Richard Seymour’s football legacy was recently cemented as he was elected to be in the National Football League Hall of Fame last week. Offensive lineman and running backs aren’t the only thing he has crushed in his life. The now hall of famer has displayed his skills on the felt since his retirement and has racked up over $600,000 in live poker earnings.
To say Richard Seymour was a staple on the New England Patriots defense during their multiple Super Runs would be an understatement. Patriots CEO and Chairman Robert Kraft released a statement praising Seymour’s work for the perennial powerhouse. “I am thrilled that Richard Seymour will forever be recognized as one of the greatest players in the 102-year history of the NFL,” Robert Kraft said. “He laid the foundation for a defense that helped propel the Patriots to three Super Bowl championships in his first four seasons in the NFL.” From 2002 to 2006, Seymour was elected to five Pro Bowls and earned three consecutive first team All-Pro nods from 2003 to 2005. Throughout his stellar career for the Patriots, Seymour racked up 460 total tackles – including 256 solo tackles – and 39 sacks. He was also responsible for two interceptions and six fumble recoveries.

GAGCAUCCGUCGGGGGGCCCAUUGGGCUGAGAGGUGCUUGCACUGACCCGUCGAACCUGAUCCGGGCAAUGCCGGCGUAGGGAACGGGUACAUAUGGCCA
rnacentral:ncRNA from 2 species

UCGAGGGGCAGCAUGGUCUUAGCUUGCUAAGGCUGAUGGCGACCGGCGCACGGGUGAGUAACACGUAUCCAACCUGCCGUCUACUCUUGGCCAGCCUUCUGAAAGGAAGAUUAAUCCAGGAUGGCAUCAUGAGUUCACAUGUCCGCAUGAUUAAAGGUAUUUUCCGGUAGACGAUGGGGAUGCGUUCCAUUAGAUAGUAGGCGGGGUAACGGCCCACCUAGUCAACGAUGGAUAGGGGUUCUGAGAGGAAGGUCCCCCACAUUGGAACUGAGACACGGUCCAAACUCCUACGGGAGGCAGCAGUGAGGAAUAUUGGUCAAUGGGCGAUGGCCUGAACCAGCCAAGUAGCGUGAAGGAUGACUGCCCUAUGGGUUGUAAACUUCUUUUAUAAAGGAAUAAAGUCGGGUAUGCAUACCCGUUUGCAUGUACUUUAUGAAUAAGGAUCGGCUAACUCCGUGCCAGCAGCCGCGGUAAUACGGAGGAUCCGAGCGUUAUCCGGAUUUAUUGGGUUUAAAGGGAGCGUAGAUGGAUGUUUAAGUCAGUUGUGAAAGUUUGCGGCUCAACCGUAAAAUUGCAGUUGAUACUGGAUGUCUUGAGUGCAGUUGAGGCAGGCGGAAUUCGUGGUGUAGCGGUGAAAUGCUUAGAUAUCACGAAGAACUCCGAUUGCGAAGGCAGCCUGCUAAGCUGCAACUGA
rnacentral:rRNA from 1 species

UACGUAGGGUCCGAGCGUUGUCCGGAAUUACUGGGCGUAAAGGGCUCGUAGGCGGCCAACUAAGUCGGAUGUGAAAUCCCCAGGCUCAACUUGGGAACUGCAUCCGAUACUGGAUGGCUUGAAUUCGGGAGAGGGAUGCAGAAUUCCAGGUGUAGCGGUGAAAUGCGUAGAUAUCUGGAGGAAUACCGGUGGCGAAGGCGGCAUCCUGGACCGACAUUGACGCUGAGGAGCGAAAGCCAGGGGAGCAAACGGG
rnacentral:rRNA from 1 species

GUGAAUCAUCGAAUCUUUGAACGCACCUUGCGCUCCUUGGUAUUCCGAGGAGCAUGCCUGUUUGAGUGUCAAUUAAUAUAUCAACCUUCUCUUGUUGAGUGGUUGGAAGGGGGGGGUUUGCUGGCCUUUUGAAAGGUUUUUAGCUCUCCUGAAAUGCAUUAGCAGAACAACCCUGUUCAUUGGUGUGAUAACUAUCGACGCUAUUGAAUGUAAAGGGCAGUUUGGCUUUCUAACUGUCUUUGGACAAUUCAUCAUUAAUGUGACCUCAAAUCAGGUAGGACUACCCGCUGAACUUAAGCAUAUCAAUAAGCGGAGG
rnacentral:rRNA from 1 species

He was drafted sixth overall in 2001, and his presence on defense was immediately felt, as his defensive prowess helped the Patriots win a Super Bowl in his rookie season.
From The Turf To The Felt
After retiring from the NFL, Seymour found a new way to stay competitive in poker. His first recorded cash was in July 2014, and he has continued to display his poker skills.
His biggest cash came in 2018 when he took third in the $25,000 PokerStars Caribbean Adventure High Roller for a whopping $376,360. Not too shabby for a former football player!
More recently, he gained traction in the poker world in 2019 for becoming the longest-lasting athlete or former athlete in the World Series of Poker Main Event with his 131st place finish.
“It was definitely fun,” Seymour said about his run in the Main. “Put it like this. If you were in a tournament with over 5,000 people and think you’re going to final table it, that’s a sucker bet. You just go out, you have fun and at the end of the day you let the results be what they are.” Seymour grew up playing poker with his family, specifically learning the game from his dad and testing his skills against his cousins. “Even in the [National Football] League, we would have Monday night poker games,” Seymour said. “I would play with some of the guys while we watched Monday Night Football. We would just fool around, not even for money but bragging rights.” During a lockout year in 2011, Seymour invited his teammates to Atlanta and organized dealers and a venue to host a poker tournament for his entire team.
To Seymour, poker is a fun way to satisfy his competitive needs.
“It’s a fun hobby,” Seymour said of poker. “It’s something to keep your competitive juices flowing. We still have that fire to keep it going, so it’s a great outlet.” Seymour took a break from live poker after 2019, but last fall he notched more earnings in the $550 Wynn Fall Classic in Las Vegas.
Congratulations to Richard Seymour for having his legacy cemented in Canton, and we wish him the best of luck in all of his future poker endeavors.
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